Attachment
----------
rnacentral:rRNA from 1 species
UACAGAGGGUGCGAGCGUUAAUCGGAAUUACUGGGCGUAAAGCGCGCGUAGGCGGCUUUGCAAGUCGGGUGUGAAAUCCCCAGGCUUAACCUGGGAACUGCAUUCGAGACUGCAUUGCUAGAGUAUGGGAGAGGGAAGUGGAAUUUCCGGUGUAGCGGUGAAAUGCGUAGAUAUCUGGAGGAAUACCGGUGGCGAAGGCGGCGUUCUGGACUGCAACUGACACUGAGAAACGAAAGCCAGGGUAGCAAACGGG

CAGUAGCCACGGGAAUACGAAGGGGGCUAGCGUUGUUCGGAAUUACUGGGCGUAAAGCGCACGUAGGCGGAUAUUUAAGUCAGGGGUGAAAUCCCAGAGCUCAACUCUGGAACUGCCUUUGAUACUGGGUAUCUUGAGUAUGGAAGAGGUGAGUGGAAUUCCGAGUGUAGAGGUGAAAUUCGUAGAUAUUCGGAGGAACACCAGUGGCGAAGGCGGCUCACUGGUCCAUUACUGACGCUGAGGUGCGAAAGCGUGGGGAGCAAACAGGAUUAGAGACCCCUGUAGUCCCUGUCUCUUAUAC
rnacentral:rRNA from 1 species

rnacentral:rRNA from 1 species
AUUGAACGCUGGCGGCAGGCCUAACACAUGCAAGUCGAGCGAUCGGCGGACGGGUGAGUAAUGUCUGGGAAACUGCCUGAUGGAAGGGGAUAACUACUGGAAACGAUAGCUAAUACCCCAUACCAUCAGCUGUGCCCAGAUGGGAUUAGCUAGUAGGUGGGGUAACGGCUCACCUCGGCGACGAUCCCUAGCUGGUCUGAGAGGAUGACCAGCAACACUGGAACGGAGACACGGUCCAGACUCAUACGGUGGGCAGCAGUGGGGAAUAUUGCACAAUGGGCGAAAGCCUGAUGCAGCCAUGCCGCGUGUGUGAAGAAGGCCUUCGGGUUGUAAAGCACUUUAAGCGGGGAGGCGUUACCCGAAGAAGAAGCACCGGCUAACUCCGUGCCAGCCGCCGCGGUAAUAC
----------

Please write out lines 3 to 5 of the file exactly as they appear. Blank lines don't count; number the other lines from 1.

CAGUAGCCACGGGAAUACGAAGGGGGCUAGCGUUGUUCGGAAUUACUGGGCGUAAAGCGCACGUAGGCGGAUAUUUAAGUCAGGGGUGAAAUCCCAGAGCUCAACUCUGGAACUGCCUUUGAUACUGGGUAUCUUGAGUAUGGAAGAGGUGAGUGGAAUUCCGAGUGUAGAGGUGAAAUUCGUAGAUAUUCGGAGGAACACCAGUGGCGAAGGCGGCUCACUGGUCCAUUACUGACGCUGAGGUGCGAAAGCGUGGGGAGCAAACAGGAUUAGAGACCCCUGUAGUCCCUGUCUCUUAUAC
rnacentral:rRNA from 1 species

rnacentral:rRNA from 1 species